Cornell economist Michael Lovenheim, assistant professor of policy analysis and management in the College of Human Ecology, has received a 2011 National Academy of Education (NAEd)/Spencer Postdoctoral Fellowship to support his research on teacher merit-pay programs.
With the $55,000 award, Lovenheim will examine data from a school district in Houston that ties teacher pay bonuses to student standardized test scores -- one of the first studies on how U.S. educators respond to specific merit rewards. The Obama administration has made such performance pay structures one of the cornerstones of its Race to the Top strategy for school reform.
"This research has the potential to tell us a lot about the impact of incentive programs on teacher behavior and student performance," said Lovenheim, one of 20 NAEd/Spencer Foundation fellows this year. "Although teacher incentive pay is a hot topic in education reform, there currently is very little evidence from developed countries on its effectiveness. The Houston system is one of the first in the United States that incorporates individual (rather than grade-specific) performance incentives into a merit-pay system, and this fellowship will give me the time and resources to be able to provide an in-depth empirical study of this program."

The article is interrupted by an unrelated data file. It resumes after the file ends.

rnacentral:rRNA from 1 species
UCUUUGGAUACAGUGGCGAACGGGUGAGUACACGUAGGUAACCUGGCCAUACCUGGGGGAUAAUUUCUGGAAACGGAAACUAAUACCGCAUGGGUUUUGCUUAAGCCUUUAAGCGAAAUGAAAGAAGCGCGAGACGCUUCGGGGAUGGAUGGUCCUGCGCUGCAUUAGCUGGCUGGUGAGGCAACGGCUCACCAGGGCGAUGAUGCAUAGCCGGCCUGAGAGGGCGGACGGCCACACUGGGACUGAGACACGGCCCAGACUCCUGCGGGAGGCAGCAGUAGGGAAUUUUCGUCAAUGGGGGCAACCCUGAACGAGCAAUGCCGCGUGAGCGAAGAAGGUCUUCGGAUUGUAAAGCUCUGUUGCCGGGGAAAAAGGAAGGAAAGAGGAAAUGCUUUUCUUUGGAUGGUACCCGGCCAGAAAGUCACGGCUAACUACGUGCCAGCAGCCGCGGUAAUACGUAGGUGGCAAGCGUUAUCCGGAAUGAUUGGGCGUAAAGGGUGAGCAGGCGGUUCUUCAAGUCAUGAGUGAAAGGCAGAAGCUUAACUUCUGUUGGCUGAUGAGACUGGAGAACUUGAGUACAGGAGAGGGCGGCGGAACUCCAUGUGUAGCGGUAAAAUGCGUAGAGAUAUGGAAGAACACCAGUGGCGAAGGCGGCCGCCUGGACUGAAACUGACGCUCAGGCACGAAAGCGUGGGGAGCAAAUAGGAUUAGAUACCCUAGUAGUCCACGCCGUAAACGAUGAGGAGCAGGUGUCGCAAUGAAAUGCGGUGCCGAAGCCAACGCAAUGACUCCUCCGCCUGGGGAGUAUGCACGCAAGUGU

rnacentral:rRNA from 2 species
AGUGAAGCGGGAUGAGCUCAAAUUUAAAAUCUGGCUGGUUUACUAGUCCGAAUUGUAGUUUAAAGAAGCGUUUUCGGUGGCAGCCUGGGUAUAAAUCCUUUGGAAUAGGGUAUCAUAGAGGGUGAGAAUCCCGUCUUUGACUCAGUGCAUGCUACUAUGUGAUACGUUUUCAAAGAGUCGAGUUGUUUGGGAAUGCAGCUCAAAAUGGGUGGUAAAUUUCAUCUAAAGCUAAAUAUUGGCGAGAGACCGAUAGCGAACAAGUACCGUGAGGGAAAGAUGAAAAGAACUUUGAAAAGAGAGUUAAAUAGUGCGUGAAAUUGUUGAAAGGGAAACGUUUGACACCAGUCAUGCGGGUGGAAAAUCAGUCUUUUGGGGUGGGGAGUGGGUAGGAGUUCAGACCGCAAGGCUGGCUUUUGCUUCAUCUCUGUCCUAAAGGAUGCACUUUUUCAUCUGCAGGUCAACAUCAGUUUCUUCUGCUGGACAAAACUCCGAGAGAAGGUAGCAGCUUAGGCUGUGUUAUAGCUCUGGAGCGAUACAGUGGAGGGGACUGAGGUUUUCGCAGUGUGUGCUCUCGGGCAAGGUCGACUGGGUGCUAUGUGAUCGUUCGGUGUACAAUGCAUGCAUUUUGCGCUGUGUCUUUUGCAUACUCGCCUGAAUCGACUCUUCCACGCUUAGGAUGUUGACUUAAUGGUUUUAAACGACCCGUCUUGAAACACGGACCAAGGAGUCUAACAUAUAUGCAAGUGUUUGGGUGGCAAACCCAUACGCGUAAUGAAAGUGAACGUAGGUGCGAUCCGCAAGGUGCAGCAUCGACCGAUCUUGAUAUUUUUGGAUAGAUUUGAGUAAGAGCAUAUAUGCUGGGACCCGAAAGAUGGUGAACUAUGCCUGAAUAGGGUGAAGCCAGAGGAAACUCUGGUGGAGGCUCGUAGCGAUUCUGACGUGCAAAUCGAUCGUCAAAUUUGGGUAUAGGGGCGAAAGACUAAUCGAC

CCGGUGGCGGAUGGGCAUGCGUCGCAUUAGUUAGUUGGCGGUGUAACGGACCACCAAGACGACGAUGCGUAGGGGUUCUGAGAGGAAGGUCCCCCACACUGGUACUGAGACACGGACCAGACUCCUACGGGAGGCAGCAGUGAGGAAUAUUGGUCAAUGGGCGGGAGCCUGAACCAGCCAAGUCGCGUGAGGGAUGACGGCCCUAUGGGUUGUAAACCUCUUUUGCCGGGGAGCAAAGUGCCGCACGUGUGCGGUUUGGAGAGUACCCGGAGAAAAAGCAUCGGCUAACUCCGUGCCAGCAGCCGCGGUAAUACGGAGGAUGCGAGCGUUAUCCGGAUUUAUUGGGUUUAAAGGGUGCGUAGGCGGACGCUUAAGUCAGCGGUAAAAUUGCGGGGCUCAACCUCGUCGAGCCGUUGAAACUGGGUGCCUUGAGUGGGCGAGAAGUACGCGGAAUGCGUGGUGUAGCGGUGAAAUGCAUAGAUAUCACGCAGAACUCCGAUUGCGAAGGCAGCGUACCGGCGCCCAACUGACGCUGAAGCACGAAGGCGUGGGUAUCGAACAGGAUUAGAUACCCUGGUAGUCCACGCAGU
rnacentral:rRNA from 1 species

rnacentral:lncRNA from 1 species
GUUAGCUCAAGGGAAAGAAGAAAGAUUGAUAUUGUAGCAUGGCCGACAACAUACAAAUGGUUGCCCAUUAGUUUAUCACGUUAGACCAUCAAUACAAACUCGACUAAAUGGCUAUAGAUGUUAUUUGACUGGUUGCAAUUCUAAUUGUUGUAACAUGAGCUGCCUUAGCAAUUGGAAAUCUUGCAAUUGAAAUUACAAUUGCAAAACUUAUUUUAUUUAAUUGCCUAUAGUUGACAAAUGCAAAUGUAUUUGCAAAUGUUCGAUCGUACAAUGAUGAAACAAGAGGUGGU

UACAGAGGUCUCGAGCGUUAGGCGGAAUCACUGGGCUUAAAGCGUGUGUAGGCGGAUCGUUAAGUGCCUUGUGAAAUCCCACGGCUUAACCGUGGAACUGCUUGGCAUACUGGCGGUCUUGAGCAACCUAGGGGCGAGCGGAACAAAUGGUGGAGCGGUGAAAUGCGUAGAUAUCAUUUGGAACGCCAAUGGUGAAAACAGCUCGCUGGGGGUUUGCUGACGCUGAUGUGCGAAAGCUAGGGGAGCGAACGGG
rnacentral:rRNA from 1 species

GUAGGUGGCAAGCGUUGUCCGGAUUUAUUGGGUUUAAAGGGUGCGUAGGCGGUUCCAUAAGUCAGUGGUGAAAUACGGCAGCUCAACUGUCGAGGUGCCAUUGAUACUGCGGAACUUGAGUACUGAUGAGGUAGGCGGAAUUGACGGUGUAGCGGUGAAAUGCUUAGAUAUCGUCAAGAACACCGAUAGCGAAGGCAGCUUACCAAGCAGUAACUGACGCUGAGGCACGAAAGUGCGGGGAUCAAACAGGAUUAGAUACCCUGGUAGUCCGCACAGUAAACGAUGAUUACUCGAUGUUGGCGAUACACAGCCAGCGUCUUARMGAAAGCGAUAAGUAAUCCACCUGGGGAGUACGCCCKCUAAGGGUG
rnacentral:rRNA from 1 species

Lovenheim, with a Ph.D. in economics from the University of Michigan, joined Cornell in 2009 following two years as a Searle Freedom Trust Postdoctoral Scholar at the Stanford University Institute for Economic Policy Research. He studies public finance, labor economics and education economics, including how student resources influence postsecondary education decisions and the effect of teachers' unions on school district resources and student achievement.
Ted Boscia is assistant director of communications for the College of Human Ecology